A ruling in Barr is expected any day now. Meanwhile, defendants continue to notch meaningful wins against poorly plead TCPA claims.
Last week in Kline v. Advanced Insurance Underwriters, LLP, the Court recommended dismissal of a plaintiff’s TCPA claim for lack of jurisdiction. No. 1:19-CV-00437, 2020 U.S. Dist. LEXIS 110453 (M.D. Pa. June 23, 2020). The plaintiff there sued corporate officers and a company that, according to plaintiff, used an ATDS to try and sell him health insurance. The plaintiff did not allege that either the company or corporate officers called him directly, but that they created a “sham” number and eventually transferred calls to him.
On these flimsy allegations, the magistrate judge recommended dismissing the complaint for lack of jurisdiction. The plaintiff failed to plead any facts that suggested calls “of a continuous and systematic nature such that exercising jurisdiction over Defendants would comport with the demands of due process.” Id. at *15-16 (gathering cases). Critically too, the Court concluded that the plaintiff lacked specific jurisdiction because the plaintiff did not allege that any defendant “directly initiated a call to a plaintiff.” So there was no allegation that any defendant “purposefully directed” any conduct “at” the plaintiff.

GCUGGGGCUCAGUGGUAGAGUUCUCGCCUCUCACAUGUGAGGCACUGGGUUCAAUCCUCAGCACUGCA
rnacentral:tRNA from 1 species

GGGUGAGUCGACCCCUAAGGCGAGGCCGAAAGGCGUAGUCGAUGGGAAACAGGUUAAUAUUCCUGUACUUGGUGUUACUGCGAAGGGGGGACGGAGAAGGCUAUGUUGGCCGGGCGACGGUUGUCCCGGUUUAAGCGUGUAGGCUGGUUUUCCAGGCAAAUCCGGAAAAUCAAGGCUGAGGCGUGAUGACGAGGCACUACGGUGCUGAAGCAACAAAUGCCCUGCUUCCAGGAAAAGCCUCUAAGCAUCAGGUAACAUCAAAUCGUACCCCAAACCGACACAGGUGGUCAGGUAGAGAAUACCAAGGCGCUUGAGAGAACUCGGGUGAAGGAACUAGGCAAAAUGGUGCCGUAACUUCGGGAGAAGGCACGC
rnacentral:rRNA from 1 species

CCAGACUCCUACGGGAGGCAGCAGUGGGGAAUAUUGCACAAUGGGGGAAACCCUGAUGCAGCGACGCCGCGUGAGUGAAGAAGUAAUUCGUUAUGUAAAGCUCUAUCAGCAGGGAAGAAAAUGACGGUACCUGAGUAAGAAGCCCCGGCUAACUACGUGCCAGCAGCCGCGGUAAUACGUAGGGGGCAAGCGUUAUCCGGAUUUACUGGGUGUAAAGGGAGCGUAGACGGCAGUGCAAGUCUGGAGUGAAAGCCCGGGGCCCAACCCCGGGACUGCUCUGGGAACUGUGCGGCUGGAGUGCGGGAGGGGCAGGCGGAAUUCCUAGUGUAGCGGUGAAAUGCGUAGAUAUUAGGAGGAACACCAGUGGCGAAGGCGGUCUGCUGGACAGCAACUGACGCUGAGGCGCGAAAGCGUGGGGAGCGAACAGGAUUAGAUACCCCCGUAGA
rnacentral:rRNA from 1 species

Rounding out the win for the defendants, the Court declined to transfer the dispute to Florida–where there might be general jurisdiction over the defendants. Instead, the Court reasoned that dismissal was appropriate because the plaintiff’s “slim allegations and conclusory references to unknown sources” suggested the lawsuit was of “dubious merit.” Id. at *20.
We will continue to track these developments and provide updates while we wait for a ruling in Barr.